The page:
New Zealand relevance: Highly relevant. The app uses the New Zealand food star rating system that is seen on our food packets. Some products have the Australian names (eg, Woolworths for Countdown).

Clinical review

4 star review

: Dietitian App Review Working Group, Auckland DHB
Date of review: July 2015
Version: 2.1
Review: A useful and simple tool to assist with choosing healthier food options within a food type. However, users must be aware that the lack of consideration of portion size of pre-packaged products may lead to inappropriate food choices. At times, the healthier suggestions remain poor food choices.  
Safety concerns: None – no risks identified. The app uses a large, independent New Zealand packaged food database (ie, a partnership between the National Institute for Health Innovation (NIHI) NZ, George Institute for Global Health (Australia) and Bupa NZ.
New Zealand relevance: Highly relevant – targeted to a New Zealand audience. The information is New Zealand focused and based on New Zealand foods. There are currently more than 8000 foods in the database.

Dr Helen Eyles from NIHI talks about FoodSwitch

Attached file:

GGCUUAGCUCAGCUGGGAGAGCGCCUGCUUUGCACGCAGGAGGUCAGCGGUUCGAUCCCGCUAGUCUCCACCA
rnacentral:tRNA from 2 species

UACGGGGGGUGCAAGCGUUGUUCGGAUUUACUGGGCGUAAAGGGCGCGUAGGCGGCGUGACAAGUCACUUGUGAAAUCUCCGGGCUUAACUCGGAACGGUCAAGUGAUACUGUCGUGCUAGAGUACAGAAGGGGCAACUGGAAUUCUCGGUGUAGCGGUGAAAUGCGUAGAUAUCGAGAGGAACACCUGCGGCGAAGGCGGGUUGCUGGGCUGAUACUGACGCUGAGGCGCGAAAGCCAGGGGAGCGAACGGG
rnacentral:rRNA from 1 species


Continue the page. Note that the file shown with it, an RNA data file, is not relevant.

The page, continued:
(NIHI, NZ 2013)

How does FoodSwitch work?

(The George Institute, 2012)


The following references relate to articles about apps for weight loss.

  1. Dunford E, Trevena H, Goodsell C, et al. FoodSwitch: A mobile phone app to enable consumers to make healthier food choices and crowdsourcing of national food composition data(external link) JMIR Mhealth Uhealth. 2014 Aug 21;2(3):e37.
  2. Coughlin SS, Whitehead M, Sheats JQ. Smartphone applications for promoting healthy diet and nutrition: a literature review(external link) Jacobs J Food Nutr. 2015;2(3):021.
  3. Chen J, Cade JE, Allman-Farinelli M. The most popular smartphone apps for weight loss: a quality assessment(external link) JMIR Mhealth Uhealth. 2015 Dec 16;3(4):e104. doi: 10.2196/mhealth.4334.
  4. Flores Mateo G, Granado-Font E, Ferré-Grau C, Montaña-Carreras X. Mobile phone apps to promote weight loss and increase physical activity: a systematic review and meta-analysis(external link). J Med Internet Res. 2015 Nov 10;17(11):e253. doi: 10.2196/jmir.4836.

Disclaimer: The NZ Health App Library is a free consumer service to help you decide whether a health app would be suitable for you. Our review process is independent. We have no relationship with the app developers or companies and no responsibility for the service they provide. This means that if you have an issue with one of the apps we have reviewed, you will need to contact the app developer or company directly.

Credits: Healthify editorial team. Healthify is brought to you by Health Navigator Charitable Trust.